UPDATE 1-BHP fails to find buyer for Australian coal mine
* BHP to continue operating Crinum underground mine
* Rio Tinto looking to sell coal assets in Australia, Mozambique
By Sonali Paul and Jackie Range
MELBOURNE/SYDNEY, July 31 (Reuters) - BHP Billiton said on Wednesday it has decided not to sell its Gregory Crinum coal mining complex in Australia, a move that could bode ill for other major miners looking to dump assets amid a sharp downturn in the coal market.
The mine, one of about 10 assets the company is trying to sell, was thought to be worth about $400 million, according to one analyst, while a newspaper had speculated BHP was hoping it would fetch around $800 million.
Bankers said BHP's failure to sell would weigh on other potential deals in the market, such as Rio Tinto's proposed sale of its Clermont coal mine and a minority stake in its Coal & Allied joint venture, worth about $3.2 billion.
Now BHP had removed Gregory Crinum from the market, those two assets were "hanging in the balance and may have the same outcome," said a banking source, who declined to be named because bidding processes are confidential.
"Coal just looks pretty hard," the banker added.
BHP Billiton said in a statement emailed to Reuters that it had decided not to go ahead with a sale of Gregory Crinum following a strategic review of the mine, "including investigation of potential divestment".
BHP closed the open cut Gregory mine last year because it was losing money, but said on Wednesday that recent operational improvements at the Crinum underground mine supported its decision to continue operating the site.
The Gregory Crinum complex, owned by the BHP Billiton-Mitsubishi alliance, produced 854,000 tonnes of coking coal used in steel making in the year to June 2013, mostly from the underground mine.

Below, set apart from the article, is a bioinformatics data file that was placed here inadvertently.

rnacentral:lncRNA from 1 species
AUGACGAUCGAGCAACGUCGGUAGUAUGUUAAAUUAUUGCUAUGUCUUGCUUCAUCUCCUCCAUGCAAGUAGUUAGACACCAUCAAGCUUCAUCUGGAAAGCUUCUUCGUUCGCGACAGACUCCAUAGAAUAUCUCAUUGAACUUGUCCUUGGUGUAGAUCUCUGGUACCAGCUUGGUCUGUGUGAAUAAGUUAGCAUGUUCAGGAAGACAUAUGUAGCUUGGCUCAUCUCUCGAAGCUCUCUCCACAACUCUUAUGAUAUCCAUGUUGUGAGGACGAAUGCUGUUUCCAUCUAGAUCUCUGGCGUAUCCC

Linc Energy was among the companies that looked at buying the operation.
With thermal coal prices down about one-third over the past 18 months and coking coal prices down about 40 percent, the world's biggest producers have been slashing jobs, shelving expansion projects and putting some assets up for sale.
Beyond Australia, Rio Tinto is considering selling a stake in its Mozambique coal business, working with investment bank UBS. It took a $3 billion writedown on the coal business there in January.
Potential bidders are happy to look over coal assets because it enables them to build up intelligence about what's on the market, bankers said, but that does not necessarily translate into deals.
"Clermont's got a lot of people kicking the tyres but I can't imagine that it's going to be an easy process," said a second banking source. "It's whether they actually put their hand in their pocket and pull out a dollar and pay for it, that's the other thing."
Rio Tinto is also talking to rival Glencore Xstrata about a potential coal alliance in Australia to help cut costs.
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